Inside - The Running (Right) Man
Reviews

Inside – The Running (Right) Man

Inside – The Running (Right) Man

Nintendo Switch

Along with a stable of excellent first party titles, the Nintendo Switch continues to impress me as a fantastic gateway to both current and older indie titles that slipped me by or are – more likely – something I’d rather play late at night, curled up in bed late instead of in front of a TV or monitor. The portability and quality of the Switch experience is something the 30+ crowd have been raving about since launch, fitting as well into its dock as it does into busy schedules where the ability to freeze gameplay instantly is a godsend. Sure, this sort of thing has been done before by both Sony and Nintendo themselves, but I wasn’t in my early 30’s juggling parenting and a career when I was playing the Vita and 3DS consistently. Suffice to say, the Switch finally gave me the opportunity to engage with developer Playdead’s Inside, the spiritual successor to their debut title Limbo.

 Inside - The Running (Right) Man

Inside is a game I had heard much about, a critical darling whose ending divided some players upon launch in 2016. I managed to complete Inside in just over a single Switch charge, which was roughly 3 ½ to 4 hours of playtime without obtaining the alternate ending. Being able to play Inside in a single burst is something I wouldn’t normally be able to do, but circumstances meant I was the passenger in a lengthy coastal drive and thus was able to more thoroughly immerse myself in the nightmarish dystopia Playdead created therein. I think this lack of breaks worked well in conjunction with the brisk length of Inside and resulted in a much stronger narrative experience rather than the series of puzzles it might be reduced to when play is broken up and the pacing Playdead have worked to craft is lost. I’ll decline to cover the plot – much has already been written about it in the two years since initial release and is something better experienced first-hand, diminished as it would be by discussion given the ‘show, don’t tell’ approach taken by Playdead. What excites me more about Inside is the care with which it has been put together, handcrafted and polished to deliver the vision of its creators in a very deliberate manner. Boiled down to its essence, Inside is a game in which the player runs from left to right, occasionally jumping and solving fairly simple puzzles – there was only one particular room that I spent a good ten minutes in before reaching the solution, and a cursory search online informed me that was a fairly common experience. Instead, it is the aesthetics covering this ‘bare bones’ gameplay skeleton that lift Inside to a higher level.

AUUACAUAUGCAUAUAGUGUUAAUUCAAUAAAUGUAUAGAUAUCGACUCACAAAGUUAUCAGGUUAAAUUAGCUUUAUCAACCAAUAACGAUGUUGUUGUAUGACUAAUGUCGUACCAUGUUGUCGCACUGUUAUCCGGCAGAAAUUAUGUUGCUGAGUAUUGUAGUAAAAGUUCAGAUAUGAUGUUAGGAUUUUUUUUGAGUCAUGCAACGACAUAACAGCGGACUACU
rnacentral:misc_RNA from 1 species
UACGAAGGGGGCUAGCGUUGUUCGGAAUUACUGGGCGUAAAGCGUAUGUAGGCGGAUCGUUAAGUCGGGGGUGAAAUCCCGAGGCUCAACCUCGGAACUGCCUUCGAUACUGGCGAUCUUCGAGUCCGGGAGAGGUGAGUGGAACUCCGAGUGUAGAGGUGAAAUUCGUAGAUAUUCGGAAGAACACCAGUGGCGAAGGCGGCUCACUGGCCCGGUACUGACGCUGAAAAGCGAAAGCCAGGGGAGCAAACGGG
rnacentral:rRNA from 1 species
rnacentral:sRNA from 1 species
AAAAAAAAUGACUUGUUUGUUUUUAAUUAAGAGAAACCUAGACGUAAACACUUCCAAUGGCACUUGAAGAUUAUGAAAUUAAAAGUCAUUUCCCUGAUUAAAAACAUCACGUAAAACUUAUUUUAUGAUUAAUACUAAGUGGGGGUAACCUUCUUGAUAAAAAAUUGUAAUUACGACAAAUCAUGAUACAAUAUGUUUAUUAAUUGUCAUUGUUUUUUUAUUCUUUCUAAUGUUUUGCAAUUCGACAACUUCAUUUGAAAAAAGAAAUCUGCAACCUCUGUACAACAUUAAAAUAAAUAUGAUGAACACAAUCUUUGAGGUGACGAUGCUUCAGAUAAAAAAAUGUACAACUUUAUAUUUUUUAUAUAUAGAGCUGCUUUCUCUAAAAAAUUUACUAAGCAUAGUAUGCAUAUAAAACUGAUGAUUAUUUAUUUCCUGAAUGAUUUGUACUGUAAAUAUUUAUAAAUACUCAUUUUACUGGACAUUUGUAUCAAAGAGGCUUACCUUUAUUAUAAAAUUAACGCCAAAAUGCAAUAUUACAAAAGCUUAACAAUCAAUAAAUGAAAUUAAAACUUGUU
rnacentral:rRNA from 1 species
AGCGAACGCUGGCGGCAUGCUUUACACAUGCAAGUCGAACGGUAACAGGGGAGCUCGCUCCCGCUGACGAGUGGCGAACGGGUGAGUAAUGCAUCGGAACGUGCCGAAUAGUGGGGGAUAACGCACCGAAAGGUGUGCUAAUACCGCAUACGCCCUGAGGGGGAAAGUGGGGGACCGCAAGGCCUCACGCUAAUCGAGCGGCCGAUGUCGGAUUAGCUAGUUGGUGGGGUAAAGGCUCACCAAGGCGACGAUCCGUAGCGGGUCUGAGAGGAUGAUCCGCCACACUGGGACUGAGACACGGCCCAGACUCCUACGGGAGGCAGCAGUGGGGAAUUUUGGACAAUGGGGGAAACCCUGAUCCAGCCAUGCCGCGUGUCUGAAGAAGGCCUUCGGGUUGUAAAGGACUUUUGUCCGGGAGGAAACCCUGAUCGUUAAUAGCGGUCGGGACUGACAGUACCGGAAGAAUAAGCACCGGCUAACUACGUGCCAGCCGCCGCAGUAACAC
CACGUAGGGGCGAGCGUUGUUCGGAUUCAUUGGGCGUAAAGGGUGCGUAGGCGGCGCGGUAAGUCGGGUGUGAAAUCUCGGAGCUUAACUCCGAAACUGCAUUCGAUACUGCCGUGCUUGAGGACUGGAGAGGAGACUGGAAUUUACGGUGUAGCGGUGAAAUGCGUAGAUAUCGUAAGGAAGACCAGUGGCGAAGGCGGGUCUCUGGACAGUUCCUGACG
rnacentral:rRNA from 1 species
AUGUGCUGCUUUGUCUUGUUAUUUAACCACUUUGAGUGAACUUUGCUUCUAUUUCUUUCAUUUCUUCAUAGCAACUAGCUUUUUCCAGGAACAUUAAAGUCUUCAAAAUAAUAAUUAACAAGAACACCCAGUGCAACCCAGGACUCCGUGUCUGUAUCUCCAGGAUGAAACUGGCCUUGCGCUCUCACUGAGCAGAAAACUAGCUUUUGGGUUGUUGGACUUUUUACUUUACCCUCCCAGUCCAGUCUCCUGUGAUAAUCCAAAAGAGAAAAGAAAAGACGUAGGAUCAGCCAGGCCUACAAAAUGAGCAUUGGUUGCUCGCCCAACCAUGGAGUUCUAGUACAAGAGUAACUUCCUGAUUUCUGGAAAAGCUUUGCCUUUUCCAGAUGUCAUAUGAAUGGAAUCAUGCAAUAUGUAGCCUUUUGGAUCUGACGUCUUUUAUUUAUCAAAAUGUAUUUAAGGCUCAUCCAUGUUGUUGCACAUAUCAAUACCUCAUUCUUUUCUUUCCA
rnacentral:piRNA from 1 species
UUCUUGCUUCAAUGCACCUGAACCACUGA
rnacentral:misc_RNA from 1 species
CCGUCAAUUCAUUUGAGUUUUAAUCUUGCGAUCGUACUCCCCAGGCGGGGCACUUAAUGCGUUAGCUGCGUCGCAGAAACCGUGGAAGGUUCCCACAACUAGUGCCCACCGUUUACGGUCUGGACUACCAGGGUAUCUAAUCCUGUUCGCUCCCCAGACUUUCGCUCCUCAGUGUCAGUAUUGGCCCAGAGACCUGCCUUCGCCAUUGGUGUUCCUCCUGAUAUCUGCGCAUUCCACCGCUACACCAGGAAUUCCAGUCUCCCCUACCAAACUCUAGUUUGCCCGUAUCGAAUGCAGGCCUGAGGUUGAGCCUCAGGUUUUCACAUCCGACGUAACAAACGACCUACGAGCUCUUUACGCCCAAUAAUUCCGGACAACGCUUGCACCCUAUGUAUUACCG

Inside - The Running (Right) Man

Like Limbo before it, Inside sports a very unique visual design featuring a muted palette, moody lighting and environments that move between depressing and unsettling at will. The world is desaturated in such a way as to further drain any sense of life from its visuals, resulting in a cold landscape which showcases every shade of grey the artists could muster.  Juxtaposed against this are the character and enemy animations, which range from comical jumps to the multitude of character deaths made more impactful due to the restraint and realism with which they are presented. It’s not often I’d encourage players to die in every possible way they can, but not doing so during Inside means that you could easily miss some of the excellent work Playdead’s animators have put in.

Inside - The Running (Right) Man

For those who have played it previously, the Switch port of Inside offers very little reason to return outside of another chance at obtaining the alternate ending if you didn’t do so the first time. However, for those in a situation like myself who missed its initial launch and are playing indie catch-up, Inside is the type of short but gratifying experience that the Switch is perfect for delivering.

Inside - The Running (Right) Man

Stephen del Prado

Stephen del Prado

It was whilst toiling away in the bowels of the now mythical Australian Gamer forums that Stephen del Prados attempts at writing were recognised by then up-and-coming Matt ‘Hewso’ Hewson as “not terrible”. Since then Stephen has contributed to such sites as The Age’s now defunct Screen Play, the recently retired Black Panel and currently serves under Editor-in-Chief Hewso for Player2.net.au, at least until the pattern of decline obvious in his previous engagements is picked up by Hewso and he is exiled from games journalism forever